Policy think-tank set up ahead of annual BRICS summit

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Academics from the BRICS countries – Brazil, Russia, India, China and South Africa – this week established a policy think-tank ahead of the fifth BRICS summit to be held in Durban.  

South Africa called for strengthening research collaboration and academic exchange in the global South, and placing knowledge production at the heart of the emerging country bloc.

Academics from the BRICS countries – Brazil, Russia, India, China and South Africa – this week established a policy think-tank ahead of the fifth BRICS summit to be held in Durban.

South Africa called for strengthening research collaboration and academic exchange in the global South, and placing knowledge production at the heart of the emerging country bloc.

As the latest country to join the group of emerging nations, South Africa was the only member that did not yet have a BRICS think-tank to conduct policy analysis and inform the long-term strategy of the bloc.

An academic forum was held at Durban University of Technology from 10-13 March, two weeks before South Africa hosts the annual BRICS leadership summit in the coastal city. Its aims include establishing a consortium of BRICS think-tanks and a business council.

Brazil, Russia, India and China were each represented by 10 academics, with South Africa as the host inviting more to broaden the academic base of discussions at the forum, under the theme “BRICS and Africa: Partnership for development, integration and industrialisation”.

Speaking at the forum, Minister of Higher Education and Training Blade Nzimande said: “One of the most important elements of BRICS cooperation should be in the sphere of knowledge production and academic cooperation.

“To achieve our goals – both in Africa and the world – we need constantly to strengthen our scientific and technical knowledge in all spheres, to deepen our understanding of our societies and those of the rest of the world, and to refine and improve our development strategies.

“To these ends, we must strengthen cooperation between ourselves, develop joint research projects, academic exchange projects and deepen the dialogue between our academics.”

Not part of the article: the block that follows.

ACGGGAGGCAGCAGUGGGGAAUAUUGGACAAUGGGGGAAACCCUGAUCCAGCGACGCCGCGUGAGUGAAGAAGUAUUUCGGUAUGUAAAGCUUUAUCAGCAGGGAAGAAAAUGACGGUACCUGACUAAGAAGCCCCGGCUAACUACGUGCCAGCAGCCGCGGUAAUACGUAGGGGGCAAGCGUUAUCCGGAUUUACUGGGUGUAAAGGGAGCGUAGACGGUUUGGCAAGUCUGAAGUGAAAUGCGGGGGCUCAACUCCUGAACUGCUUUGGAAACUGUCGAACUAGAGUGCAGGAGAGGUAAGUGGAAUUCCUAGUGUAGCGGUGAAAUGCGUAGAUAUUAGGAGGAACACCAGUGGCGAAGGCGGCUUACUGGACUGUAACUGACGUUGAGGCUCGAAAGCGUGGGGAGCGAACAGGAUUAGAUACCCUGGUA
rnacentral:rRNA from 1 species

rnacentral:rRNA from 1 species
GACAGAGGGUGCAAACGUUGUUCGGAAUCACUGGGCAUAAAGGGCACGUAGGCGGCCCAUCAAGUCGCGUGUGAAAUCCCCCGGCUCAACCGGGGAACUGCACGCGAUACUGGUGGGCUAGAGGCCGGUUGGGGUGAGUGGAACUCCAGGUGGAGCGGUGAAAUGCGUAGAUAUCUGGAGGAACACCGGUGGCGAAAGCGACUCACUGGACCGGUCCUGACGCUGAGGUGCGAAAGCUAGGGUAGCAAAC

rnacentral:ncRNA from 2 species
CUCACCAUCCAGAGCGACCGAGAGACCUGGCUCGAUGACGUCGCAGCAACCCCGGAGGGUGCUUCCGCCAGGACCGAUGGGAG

Expanded cooperation in postgraduate studies was a priority.

Member countries boasted excellent universities and colleges that battled to meet people's expectations, said Nzimande. Academic cooperation could strengthen these institutions and “expand the frontiers of human knowledge”.

Most South African universities had stronger ties with institutions in the West than with those in other developing countries. While this collaboration was beneficial and should continue, it was an anomaly that “ties with countries that face similar challenges of development are relatively weak”, Nzimande argued.

“Economists and economic historians in South African universities, for example, tend to know more about the British or American paths and strategies of economic development than about those of contemporary developing countries in Asia or Latin America, whose challenges are more similar to our own.” It was likely that similar knowledge gaps about Africa existed in other developing countries, including the BRICS.

According to Gwebinkundla Qonde, director-general of the Department of Higher Education and Training, the forum considered what contributions were needed from academics to bolster BRICS efforts, as well as whether academics could take the lead in the policy suggestions and knowledge production required to realise those objectives.

"We hope to better position our academics to contribute towards enhancing and developing BRICS using South Africa as a platform," she said.

Nzimande said that South Africa would imminently establish a National Institute for the Humanities and Social Sciences, to strengthen studies in these disciplines and build ties with scholars across Africa and the global South.

The government has appointed the Human Sciences Research Council, or HSRC, as an incubator for the South Africa BRICS think-tank for one year.

HSRC CEO Olive Shisana said the organisation had extensive experience and specialisation in social policy research and could thus anchor the think-tank structure and provide support for BRICS-related policy dialogues.

It would create a forum to facilitate discussion among academics, policy-makers and non-governmental organisations interested in the BRICS developmental strategies.

"Scholars can make contributions to government policies and related research projects with the objective of immediate and tangible impacts on the strategic economic, social and geopolitical policies of the country," Shishana said.

The HSRC would cooperate with local experts and organisations to strengthen and build analytical and scholarly capacity in this field. This was crucial in creating networks and stimulating fresh thinking in relation to BRICS and "not simply repeating what others are doing".

"Scholars will be able to make contributions to government policies and related research projects, with the objective of immediate and tangible impacts on the strategic economic, social and geopolitical policies of the country," Shisana said.

Story by Nicola Jenvey 

Source: University World News

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